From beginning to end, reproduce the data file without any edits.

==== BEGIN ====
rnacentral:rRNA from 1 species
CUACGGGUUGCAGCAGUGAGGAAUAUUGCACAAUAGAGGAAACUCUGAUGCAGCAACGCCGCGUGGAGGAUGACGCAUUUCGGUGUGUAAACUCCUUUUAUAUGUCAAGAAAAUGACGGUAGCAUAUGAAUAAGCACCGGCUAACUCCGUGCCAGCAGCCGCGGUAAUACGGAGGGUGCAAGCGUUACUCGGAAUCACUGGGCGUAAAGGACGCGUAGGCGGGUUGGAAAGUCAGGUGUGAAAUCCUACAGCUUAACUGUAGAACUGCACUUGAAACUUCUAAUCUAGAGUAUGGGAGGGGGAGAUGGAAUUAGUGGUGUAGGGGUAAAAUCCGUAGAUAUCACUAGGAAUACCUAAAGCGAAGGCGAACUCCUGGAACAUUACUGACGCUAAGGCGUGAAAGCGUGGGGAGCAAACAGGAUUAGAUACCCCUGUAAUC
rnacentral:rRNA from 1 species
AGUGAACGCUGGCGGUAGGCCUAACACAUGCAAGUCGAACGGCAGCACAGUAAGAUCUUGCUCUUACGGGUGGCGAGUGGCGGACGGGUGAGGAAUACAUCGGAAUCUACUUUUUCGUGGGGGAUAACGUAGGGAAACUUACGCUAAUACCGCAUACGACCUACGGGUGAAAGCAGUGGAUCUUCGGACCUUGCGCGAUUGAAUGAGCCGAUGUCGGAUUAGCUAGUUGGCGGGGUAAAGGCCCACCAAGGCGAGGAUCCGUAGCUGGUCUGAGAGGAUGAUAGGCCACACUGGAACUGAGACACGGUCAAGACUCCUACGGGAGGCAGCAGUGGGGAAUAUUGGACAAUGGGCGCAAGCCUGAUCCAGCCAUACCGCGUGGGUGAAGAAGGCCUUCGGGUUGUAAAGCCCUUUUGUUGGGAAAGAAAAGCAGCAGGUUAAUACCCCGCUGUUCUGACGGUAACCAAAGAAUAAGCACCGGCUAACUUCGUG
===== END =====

rnacentral:rRNA from 1 species
CUACGGGUUGCAGCAGUGAGGAAUAUUGCACAAUAGAGGAAACUCUGAUGCAGCAACGCCGCGUGGAGGAUGACGCAUUUCGGUGUGUAAACUCCUUUUAUAUGUCAAGAAAAUGACGGUAGCAUAUGAAUAAGCACCGGCUAACUCCGUGCCAGCAGCCGCGGUAAUACGGAGGGUGCAAGCGUUACUCGGAAUCACUGGGCGUAAAGGACGCGUAGGCGGGUUGGAAAGUCAGGUGUGAAAUCCUACAGCUUAACUGUAGAACUGCACUUGAAACUUCUAAUCUAGAGUAUGGGAGGGGGAGAUGGAAUUAGUGGUGUAGGGGUAAAAUCCGUAGAUAUCACUAGGAAUACCUAAAGCGAAGGCGAACUCCUGGAACAUUACUGACGCUAAGGCGUGAAAGCGUGGGGAGCAAACAGGAUUAGAUACCCCUGUAAUC
rnacentral:rRNA from 1 species
AGUGAACGCUGGCGGUAGGCCUAACACAUGCAAGUCGAACGGCAGCACAGUAAGAUCUUGCUCUUACGGGUGGCGAGUGGCGGACGGGUGAGGAAUACAUCGGAAUCUACUUUUUCGUGGGGGAUAACGUAGGGAAACUUACGCUAAUACCGCAUACGACCUACGGGUGAAAGCAGUGGAUCUUCGGACCUUGCGCGAUUGAAUGAGCCGAUGUCGGAUUAGCUAGUUGGCGGGGUAAAGGCCCACCAAGGCGAGGAUCCGUAGCUGGUCUGAGAGGAUGAUAGGCCACACUGGAACUGAGACACGGUCAAGACUCCUACGGGAGGCAGCAGUGGGGAAUAUUGGACAAUGGGCGCAAGCCUGAUCCAGCCAUACCGCGUGGGUGAAGAAGGCCUUCGGGUUGUAAAGCCCUUUUGUUGGGAAAGAAAAGCAGCAGGUUAAUACCCCGCUGUUCUGACGGUAACCAAAGAAUAAGCACCGGCUAACUUCGUG